1.31.2007 1:52pm
JosephSlater (mail):
No comment yet on the "demonizing Christians is a well-funded activity" in the comment EV quoted? Can I write a grant to get money from these evil secular rich folks?
1.31.2007 1:55pm
Evelyn Blaine (mail):
chris s wrote:
OK, CJ, I will bite. in what nations does Christianity have a powerful and malign influence, and how is this influence shown?


Uganda immediately comes to mind. The League of Polish Families, which is part of Poland's current governing coalition, is also pretty scary.
1.31.2007 1:57pm
Virginia Postrel (www):
Speaking of Reconstructionists (of a very different flavor): The most brilliant and influential critique of traditional and Reform Judaism is Mordecai Kaplan's Judaism as a Civilization, which, alas, is anything but mass market. Although written in English, it reads as though translated from the German.
1.31.2007 1:57pm
byomtov (mail):
Hedges was calling for suppression certain views, and the commenter says:

Hedges is part of a larger group of authors.

and

Hedges is hardly alone in his efforts.

So I don't think it is unreasonable to conclude that the commenter sees the books in question as calls for censorship.
1.31.2007 2:08pm
Stacy (mail) (www):
Elliot Reed: "Stacy - very few of us on the left criticize Christianity per se (unless they're people like Dawkins who simply hate all forms of religion). Lots of us (not me though) are Christians ourselves. The criticisms you hear are usually aimed at conservative Protestant evangelicalism, sometimes with conservative Catholicism thrown in. Those criticisms aren't aimed at "Christians" generally unless you subscribe to the conservative evangelicals' view that conservative evangelicals are the only real Christians. That view's gotten remarkable currency in elite right-wing circles (probably because a lot of elite right-wingers are theologically ignorant secularists), but it's wrong."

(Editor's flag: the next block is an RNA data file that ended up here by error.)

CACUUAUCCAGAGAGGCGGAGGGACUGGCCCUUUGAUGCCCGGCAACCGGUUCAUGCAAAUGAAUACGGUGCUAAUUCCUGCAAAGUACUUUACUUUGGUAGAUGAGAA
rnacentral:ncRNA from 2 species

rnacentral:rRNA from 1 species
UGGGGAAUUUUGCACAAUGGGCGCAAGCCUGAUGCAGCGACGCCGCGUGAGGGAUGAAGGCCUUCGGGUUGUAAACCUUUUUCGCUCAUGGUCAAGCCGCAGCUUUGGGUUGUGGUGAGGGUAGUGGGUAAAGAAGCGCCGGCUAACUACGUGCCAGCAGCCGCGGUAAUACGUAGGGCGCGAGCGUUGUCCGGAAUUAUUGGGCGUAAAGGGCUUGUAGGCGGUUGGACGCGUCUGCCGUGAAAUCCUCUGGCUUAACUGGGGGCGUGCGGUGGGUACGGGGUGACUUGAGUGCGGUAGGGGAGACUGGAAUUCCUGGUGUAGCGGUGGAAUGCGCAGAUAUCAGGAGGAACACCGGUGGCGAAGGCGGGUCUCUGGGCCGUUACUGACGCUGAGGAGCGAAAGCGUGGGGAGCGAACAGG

I fully agree that there's a difference between "Christians" and the "Christian right", and further that most critics of Christianity are really criticizing the Christian right as you and I would refer to it. I'm not sure where that fits into my analysis though. There are also many non-"Islamist" muslims, arguably a majority of the total, and it goes without saying (or should) that critics of Islam aren't referring to that group when they talk about evil terrorists.

My points, which may not have been clear, were:

a.) It seems to me that the commenter was conflating, not criticism and censorship, but rather the authors of the books s/he listed and people who denounce critics of Islam as bigots.

b.) The above is tempting but dangerous, because the two groups may or may not be the same, or even able to be in a room with each other.